Ebola aid cash from UK increased by £3m
- 7 August 2014
- From the section UK
The UK is to give more money to help countries affected by the outbreak of the deadly Ebola virus, the Foreign Office has said.
Foreign Secretary Philip Hammond chaired a meeting of the government's Cobra emergency committee meeting to discuss the spread of the infection.
A sum of £2m had previously been pledged, but this figure will now be increased to £5m.
A total of 932 people have died during the outbreak, latest figures show.
More than 1,700 people have been infected in Sierra Leone, Liberia, Guinea and a small number of possible cases have also been identified in Nigeria, the World Health Organisation (WHO) said.
A spokesman for the Foreign Office confirmed that an extra £3m would now be provided to "strengthen health systems in Sierra Leone and Liberia" and support the WHO, children's charity UNICEF and the International Rescue Committee in limiting Ebola's spread.
The spokesman added that the risk for the infection to spread to the UK was "very low".
He said: "The UK has an established, well-tested system to deal with any known or suspected imported case of this disease."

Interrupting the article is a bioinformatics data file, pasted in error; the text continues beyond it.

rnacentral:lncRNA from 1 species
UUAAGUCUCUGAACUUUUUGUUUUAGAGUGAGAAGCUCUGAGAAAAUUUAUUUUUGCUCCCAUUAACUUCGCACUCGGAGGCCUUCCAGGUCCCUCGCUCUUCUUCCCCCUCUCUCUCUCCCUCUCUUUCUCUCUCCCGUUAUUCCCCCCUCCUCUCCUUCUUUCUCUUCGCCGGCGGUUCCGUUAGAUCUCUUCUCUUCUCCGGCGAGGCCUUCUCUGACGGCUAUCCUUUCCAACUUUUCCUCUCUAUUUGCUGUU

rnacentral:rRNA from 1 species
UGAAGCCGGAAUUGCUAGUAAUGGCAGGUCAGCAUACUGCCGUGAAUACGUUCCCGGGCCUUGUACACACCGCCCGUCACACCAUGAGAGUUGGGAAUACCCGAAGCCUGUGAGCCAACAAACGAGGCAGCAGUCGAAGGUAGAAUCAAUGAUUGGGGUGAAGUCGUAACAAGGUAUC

Ebola virus disease (EVD)
- Symptoms include high fever, bleeding and central nervous system damage
- Fatality rate can reach 90% - but the current outbreak is about 55%
- Incubation period is two to 21 days
- There is no known cure or vaccine
- Supportive care such as rehydrating patients who have diarrhoea and vomiting can help recovery
- Fruit bats are considered to be virus' natural host
Earlier, the Department for International Development (DfID) said the new funds will be used to help provide specialist care to those affected, improve monitoring and tracking of the disease and provide better health information to rural communities.
International Development Secretary Justine Greening echoed Mr Hammond's sentiments and said: "It is absolutely critical that the UK helps to make sure the Ebola outbreak is contained.
"At the same time we are working with our partners to care for people affected by the outbreak, particularly children left without their parents."